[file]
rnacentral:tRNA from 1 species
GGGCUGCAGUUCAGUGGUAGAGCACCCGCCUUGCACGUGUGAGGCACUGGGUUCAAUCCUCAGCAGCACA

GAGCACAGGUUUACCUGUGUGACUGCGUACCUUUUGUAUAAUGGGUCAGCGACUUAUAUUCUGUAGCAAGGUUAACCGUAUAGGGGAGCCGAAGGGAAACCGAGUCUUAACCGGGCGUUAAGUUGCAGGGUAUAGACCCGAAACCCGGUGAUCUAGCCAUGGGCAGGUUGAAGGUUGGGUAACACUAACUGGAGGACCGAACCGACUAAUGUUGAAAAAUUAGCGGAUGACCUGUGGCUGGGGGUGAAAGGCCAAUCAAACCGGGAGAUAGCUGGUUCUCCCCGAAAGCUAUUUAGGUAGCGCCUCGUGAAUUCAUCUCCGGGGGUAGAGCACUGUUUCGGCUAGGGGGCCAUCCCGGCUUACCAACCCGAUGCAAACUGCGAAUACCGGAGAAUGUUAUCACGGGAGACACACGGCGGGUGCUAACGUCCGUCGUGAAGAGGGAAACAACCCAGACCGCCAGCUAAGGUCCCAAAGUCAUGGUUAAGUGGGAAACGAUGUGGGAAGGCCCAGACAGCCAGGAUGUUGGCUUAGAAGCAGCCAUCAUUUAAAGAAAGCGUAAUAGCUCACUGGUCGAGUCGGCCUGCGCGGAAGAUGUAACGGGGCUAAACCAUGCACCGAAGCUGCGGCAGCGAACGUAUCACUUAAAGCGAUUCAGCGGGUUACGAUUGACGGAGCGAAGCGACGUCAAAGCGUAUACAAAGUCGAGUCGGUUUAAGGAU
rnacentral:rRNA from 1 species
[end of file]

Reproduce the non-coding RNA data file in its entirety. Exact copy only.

rnacentral:tRNA from 1 species
GGGCUGCAGUUCAGUGGUAGAGCACCCGCCUUGCACGUGUGAGGCACUGGGUUCAAUCCUCAGCAGCACA

GAGCACAGGUUUACCUGUGUGACUGCGUACCUUUUGUAUAAUGGGUCAGCGACUUAUAUUCUGUAGCAAGGUUAACCGUAUAGGGGAGCCGAAGGGAAACCGAGUCUUAACCGGGCGUUAAGUUGCAGGGUAUAGACCCGAAACCCGGUGAUCUAGCCAUGGGCAGGUUGAAGGUUGGGUAACACUAACUGGAGGACCGAACCGACUAAUGUUGAAAAAUUAGCGGAUGACCUGUGGCUGGGGGUGAAAGGCCAAUCAAACCGGGAGAUAGCUGGUUCUCCCCGAAAGCUAUUUAGGUAGCGCCUCGUGAAUUCAUCUCCGGGGGUAGAGCACUGUUUCGGCUAGGGGGCCAUCCCGGCUUACCAACCCGAUGCAAACUGCGAAUACCGGAGAAUGUUAUCACGGGAGACACACGGCGGGUGCUAACGUCCGUCGUGAAGAGGGAAACAACCCAGACCGCCAGCUAAGGUCCCAAAGUCAUGGUUAAGUGGGAAACGAUGUGGGAAGGCCCAGACAGCCAGGAUGUUGGCUUAGAAGCAGCCAUCAUUUAAAGAAAGCGUAAUAGCUCACUGGUCGAGUCGGCCUGCGCGGAAGAUGUAACGGGGCUAAACCAUGCACCGAAGCUGCGGCAGCGAACGUAUCACUUAAAGCGAUUCAGCGGGUUACGAUUGACGGAGCGAAGCGACGUCAAAGCGUAUACAAAGUCGAGUCGGUUUAAGGAU
rnacentral:rRNA from 1 species